An effective team or organization struggles to achieve its targets if it lacks the ability to communicate clearly. This will permit high-quality patient service and, finally, good outcomes. Listening with attention, nonverbal communication, being nice, brevity and clarity, empathy, confident speaking, feedback, medium choice, closed-loop communication, and openmindedness are the top strategies for this group of professionals to interact with one another (D’Alimonte et al., 2019). 

Literature Review to Address Mental Health Issues in Minorities during COVID-19

The 2021 Saltzman et al. study on COVID-19 mental health inequality specifically addresses mental health disparities in races and offers solutions to bridge this gap, both now and in the future. The second aim was to investigate how early mental health-related patterns related to the pandemic were modified and what role social determinants of health played in these patterns (Saltzman et al., 2021). NHS FPX8002 Assessment 2 impacts of COVID-19 are numerous stresses and other problems that make a big difference in mental health. So, it points out that healthcare organizations and service delivery systems should view this issue as a major problem. The focus of this study was to highlight the best practices, and one of them is that the collaborative approach should focus on chosen treatment and methods rather than the fact that the clients are admitted into health facilities (Saltzman et al., 2021).

In their literature review, titled “The Mental Health Burden of Racial and ethnic minorities during the Covid-19 Pandemic,” Nguyen et al. (2022) concluded that racial and ethnic minorities suffered in an unequal way during the pandemic as far as mental health is concerned. They also mentioned that these variations should be considered as health care systems’ turning to the reduction of long-term effects from the prevention of infections. One of the good ideas proposed by Nguyen et al. is that minorities who were affected by the pandemic and who will suffer after its end need to start their conversations about their mental health and happiness openly as soon as possible. These individuals believe that discussion of these matters might remove the stigma attached to mental illness by these groups and allow for rapid identification of people who may need help (Nguyen et al., 2022).


In general, Covid-19 brought quite a lot of knowledge about public health, and differences in mental health problems among ethnic groups were no exemption. Research has revealed that these persons are at higher risk of more mental health problems because they are less likely to get proper health care, and their complaints are often misdiagnosed or not diagnosed at all. In achieving this objective, which is to maximize this difference, it is crucial to build a powerful alliance team that is effective enough to solve these issues. An inclusive, diverse, and collaborative coalition team is one where everyone is accepted and valued, and each team member’s contributions are considered key to achieving the team’s goals. When these objectives are achieved, they will allow all individuals access to mental health care services regardless of the ease at which they can get resources. It will relieve the health problems of the whole population, which will be beneficial for the entire community.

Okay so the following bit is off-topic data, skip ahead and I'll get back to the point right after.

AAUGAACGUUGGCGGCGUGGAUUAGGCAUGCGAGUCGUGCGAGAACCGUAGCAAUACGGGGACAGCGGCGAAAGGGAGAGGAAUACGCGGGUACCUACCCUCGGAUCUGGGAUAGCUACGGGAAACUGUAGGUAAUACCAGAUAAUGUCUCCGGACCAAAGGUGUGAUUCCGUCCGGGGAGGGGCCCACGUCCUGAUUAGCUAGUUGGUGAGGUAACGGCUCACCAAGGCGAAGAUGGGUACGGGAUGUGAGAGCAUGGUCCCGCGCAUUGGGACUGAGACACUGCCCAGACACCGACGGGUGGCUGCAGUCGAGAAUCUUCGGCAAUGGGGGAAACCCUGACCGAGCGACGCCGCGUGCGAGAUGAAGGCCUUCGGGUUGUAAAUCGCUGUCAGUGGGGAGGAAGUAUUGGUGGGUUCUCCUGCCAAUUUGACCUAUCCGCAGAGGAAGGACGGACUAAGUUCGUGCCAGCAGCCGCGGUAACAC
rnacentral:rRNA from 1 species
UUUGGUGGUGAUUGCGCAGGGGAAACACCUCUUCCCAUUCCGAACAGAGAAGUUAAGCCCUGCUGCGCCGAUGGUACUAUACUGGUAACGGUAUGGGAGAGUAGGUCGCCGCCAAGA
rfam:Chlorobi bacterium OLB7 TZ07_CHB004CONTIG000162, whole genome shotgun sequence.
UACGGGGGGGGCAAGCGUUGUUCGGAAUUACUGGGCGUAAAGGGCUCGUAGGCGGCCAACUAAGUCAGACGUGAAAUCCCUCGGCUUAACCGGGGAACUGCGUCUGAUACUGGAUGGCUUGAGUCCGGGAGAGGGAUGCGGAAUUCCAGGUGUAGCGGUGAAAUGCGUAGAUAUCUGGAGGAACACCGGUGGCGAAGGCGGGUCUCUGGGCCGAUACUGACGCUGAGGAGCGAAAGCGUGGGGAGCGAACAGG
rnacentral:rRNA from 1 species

Abdul, H. (2022, December 5). 11 Guaranteed collaboration challenges with action steps. https://theecmconsultant.com/collaboration-challenges/

Carratala, S., & Maxwell, C. (2020, May 7). Health disparities by race and ethnicity. Center for American Progress. https://www.americanprogress.org/article/health-disparities-race-ethnicity/

Centers for Disease Control and Prevention. (2022, August 26). What is population health? https://www.cdc.gov/pophealthtraining/whatis.html

Common ethical issues. (2018, October 20). Syracuse University School of Education. https://soe.syr.edu/departments/academic/counseling-human-services/modules/ethical

Cox, D. J. (2019). Ethical considerations in interdisciplinary treatments. In (Ed.), Handbook of interdisciplinary treatments for autism spectrum disorder (pp. 49–61). Springer International Publishing. https://doi.org/10.1007/978-3-030-13027-5_4

D’Alimonte, L., McLaney, E., & Di Prospero, L. (2019). Best practices on team communication: Interprofessional practice in oncology. Current Opinion in Supportive & Palliative Care, 13(1), 69–74. https://doi.org/10.1097/spc.0000000000000412

Holder, S. M., Peterson, E. R., Stephens, R., & Crandall, L. A. (2019). Stigma in mental health at the macro and micro levels: Implications for mental health consumers and professionals. Community Mental Health Journal, 55(3), 369–374. https://doi.org/10.1007/s10597-018-0308-y

Lance, D. M., & McCullough, K. C. (n.d.). Communication strategies for interprofessional teams. Human Kinetics. https://us.humankinetics.com/blogs/excerpt/communication-strategies-for-interprofessional-teams

McGuire, T. G., & Miranda, J. (2008). New evidence regarding racial and ethnic disparities in mental health: Policy implications. Health Affairs27(2), 393-403. https://doi.org/10.1377/hlthaff.27.2.393

Nguyen, L. H., Anyane-Yeboa, A., Klaser, K., Merino, J., Drew, D. A., Ma, W., Mehta, R. S., Kim, D. Y., Warner, E. T., Joshi, A. D., Graham, M. S., Sudre, C. H., Thompson, E. J., May, A., Hu, C., Jørgensen, S., Selvachandran, S., Berry, S. E., David, S. P.,…Chan, A. T. (2022). The mental health burden of racial and ethnic minorities during the COVID-19 pandemic. PLOS ONE, 17(8), e0271661. https://doi.org/10.1371/journal.pone.0271661

Purtle, J. (2020). Covid-19 and mental health equity in the united states. Social Psychiatry and Psychiatric Epidemiology, 55(8), 969–971. https://doi.org/10.1007/s00127-020-01896-8

Saltzman, L. Y., Lesen, A. E., Henry, V., Hansel, T. C., & Bordnick, P. S. (2021). Covid-19 mental health disparities. Health Security, 19(S1), S–5-S-13. https://doi.org/10.1089/hs.2021.0017

Tan, T. Q. (2019). Principles of inclusion, diversity, access, and equity. The Journal of Infectious Diseases, 220(Supplement_2), S30–S32. https://doi.org/10.1093/infdis/jiz198